Statement by the Human Rights Commissioner on the human rights situation in the Philippines    

15.12.2017 - Press release

Bärbel Kofler, Federal Government Commissioner for Human Rights Policy and Humanitarian Aid at the Federal Foreign Office, issued the following statement today (15 December) on the human rights situation in the Philippines:

The human rights situation in the Philippines is a source of concern for several reasons. Although the number of deaths has fallen recently, the so-called war on drugs has claimed thousands of lives so far and these deaths have not been investigated by the criminal justice system. The increasing threats against those who stand up for the preservation and protection of human rights in the Philippines is particularly alarming.

As a member of the United Nations Human Rights Council, the Philippines has a particular responsibility to uphold human rights. This responsibility means that rule-of-law principles must be applied in the fight against drug-related crime. All deaths related to such crime must be investigated.

Civil society plays an essential role in protecting human rights in a system based on the rule of law. It is the Government’s responsibility to protect civil society groups and political activists, in particular against potential threats to which they are exposed as a result of their work. Threats against human rights defenders cannot be downplayed as a joke. They have a detrimental impact on the Philippines’ international reputation as a country that has undertaken to observe rule-of-law principles and uphold human rights.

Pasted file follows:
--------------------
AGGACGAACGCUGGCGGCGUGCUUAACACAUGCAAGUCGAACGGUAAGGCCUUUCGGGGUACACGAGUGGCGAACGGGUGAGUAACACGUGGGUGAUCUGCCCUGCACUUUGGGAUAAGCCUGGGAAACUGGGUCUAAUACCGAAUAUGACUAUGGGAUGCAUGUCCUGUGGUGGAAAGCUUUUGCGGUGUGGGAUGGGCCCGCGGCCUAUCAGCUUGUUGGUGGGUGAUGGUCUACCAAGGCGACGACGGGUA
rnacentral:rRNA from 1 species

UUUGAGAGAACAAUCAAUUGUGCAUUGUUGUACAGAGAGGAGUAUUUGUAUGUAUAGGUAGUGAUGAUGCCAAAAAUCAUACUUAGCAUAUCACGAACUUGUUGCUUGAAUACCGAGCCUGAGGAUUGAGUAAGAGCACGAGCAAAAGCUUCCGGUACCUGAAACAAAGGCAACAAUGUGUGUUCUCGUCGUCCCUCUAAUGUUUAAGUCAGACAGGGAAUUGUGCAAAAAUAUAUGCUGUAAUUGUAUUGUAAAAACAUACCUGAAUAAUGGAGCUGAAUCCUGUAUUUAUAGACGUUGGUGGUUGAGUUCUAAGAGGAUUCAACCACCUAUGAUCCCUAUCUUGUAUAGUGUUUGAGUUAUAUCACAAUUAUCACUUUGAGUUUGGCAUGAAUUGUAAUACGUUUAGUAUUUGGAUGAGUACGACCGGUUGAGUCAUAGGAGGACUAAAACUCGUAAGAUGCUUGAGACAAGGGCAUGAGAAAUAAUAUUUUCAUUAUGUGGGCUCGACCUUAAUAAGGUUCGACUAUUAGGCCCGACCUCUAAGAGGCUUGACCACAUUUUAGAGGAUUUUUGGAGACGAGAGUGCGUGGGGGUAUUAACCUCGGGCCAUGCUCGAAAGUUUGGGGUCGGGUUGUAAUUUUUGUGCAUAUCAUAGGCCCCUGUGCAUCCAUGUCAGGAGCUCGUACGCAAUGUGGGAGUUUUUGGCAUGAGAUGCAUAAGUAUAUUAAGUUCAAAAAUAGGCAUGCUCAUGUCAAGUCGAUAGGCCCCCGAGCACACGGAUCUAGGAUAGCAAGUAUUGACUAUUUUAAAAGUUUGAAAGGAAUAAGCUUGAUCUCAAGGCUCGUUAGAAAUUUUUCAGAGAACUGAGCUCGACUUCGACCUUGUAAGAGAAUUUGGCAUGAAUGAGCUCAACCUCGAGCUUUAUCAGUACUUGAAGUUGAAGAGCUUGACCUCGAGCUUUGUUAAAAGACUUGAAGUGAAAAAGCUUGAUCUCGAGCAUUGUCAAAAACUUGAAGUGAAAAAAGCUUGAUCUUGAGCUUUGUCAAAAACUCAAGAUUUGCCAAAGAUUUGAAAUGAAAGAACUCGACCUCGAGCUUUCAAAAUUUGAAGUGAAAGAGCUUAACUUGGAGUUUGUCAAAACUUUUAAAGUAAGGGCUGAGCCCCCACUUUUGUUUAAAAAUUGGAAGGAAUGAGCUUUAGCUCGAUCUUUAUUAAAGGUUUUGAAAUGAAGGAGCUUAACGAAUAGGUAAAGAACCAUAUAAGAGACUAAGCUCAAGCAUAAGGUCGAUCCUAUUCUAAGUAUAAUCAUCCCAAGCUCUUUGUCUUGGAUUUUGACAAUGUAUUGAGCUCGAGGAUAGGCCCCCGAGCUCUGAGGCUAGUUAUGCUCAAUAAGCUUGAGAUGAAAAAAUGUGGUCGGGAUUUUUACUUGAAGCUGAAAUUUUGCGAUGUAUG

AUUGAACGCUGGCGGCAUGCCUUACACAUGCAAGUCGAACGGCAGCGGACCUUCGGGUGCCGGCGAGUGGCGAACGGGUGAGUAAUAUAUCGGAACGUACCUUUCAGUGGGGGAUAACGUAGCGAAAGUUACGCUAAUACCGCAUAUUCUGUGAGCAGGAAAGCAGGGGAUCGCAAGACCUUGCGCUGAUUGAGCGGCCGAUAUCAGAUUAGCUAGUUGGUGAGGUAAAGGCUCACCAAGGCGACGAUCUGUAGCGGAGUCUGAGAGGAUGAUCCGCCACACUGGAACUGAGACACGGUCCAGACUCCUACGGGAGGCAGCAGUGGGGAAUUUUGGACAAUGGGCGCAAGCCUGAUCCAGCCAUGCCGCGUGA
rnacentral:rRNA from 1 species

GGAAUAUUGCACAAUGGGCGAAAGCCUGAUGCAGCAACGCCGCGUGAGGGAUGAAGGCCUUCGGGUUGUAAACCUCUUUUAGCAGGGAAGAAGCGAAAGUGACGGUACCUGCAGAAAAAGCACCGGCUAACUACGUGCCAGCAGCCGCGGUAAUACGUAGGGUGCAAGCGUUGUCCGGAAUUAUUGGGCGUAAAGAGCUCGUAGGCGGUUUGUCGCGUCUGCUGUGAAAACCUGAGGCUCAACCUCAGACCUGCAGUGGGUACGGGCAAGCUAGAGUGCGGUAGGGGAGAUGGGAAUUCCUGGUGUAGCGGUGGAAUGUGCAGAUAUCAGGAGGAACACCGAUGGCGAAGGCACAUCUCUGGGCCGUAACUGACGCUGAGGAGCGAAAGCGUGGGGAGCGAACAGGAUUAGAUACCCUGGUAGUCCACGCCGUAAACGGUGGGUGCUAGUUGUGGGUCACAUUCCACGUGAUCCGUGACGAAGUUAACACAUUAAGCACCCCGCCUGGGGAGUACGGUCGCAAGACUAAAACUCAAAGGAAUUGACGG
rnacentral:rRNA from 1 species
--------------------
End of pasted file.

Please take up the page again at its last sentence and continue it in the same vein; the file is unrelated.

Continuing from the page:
The German Government calls on the Philippine Government to safeguard the freedom and protection of civil society.“

Background information:

Since President Rodrigo Duerte took office in July 2016, thousands of people have been killed in the so-called war on drugs. Almost none of these cases have been investigated by the criminal justice system. According to official figures, 3900 people have been killed in the fight against drug-related crime since Duerte took office. Human rights organisations estimate the number of fatalities at well over 10,000.
In response to criticism by local human rights organisations and the Commission on Human Rights of the Philippines of the brutality used in the fight against drug-related crime, President Duerte has repeatedly issued threats.

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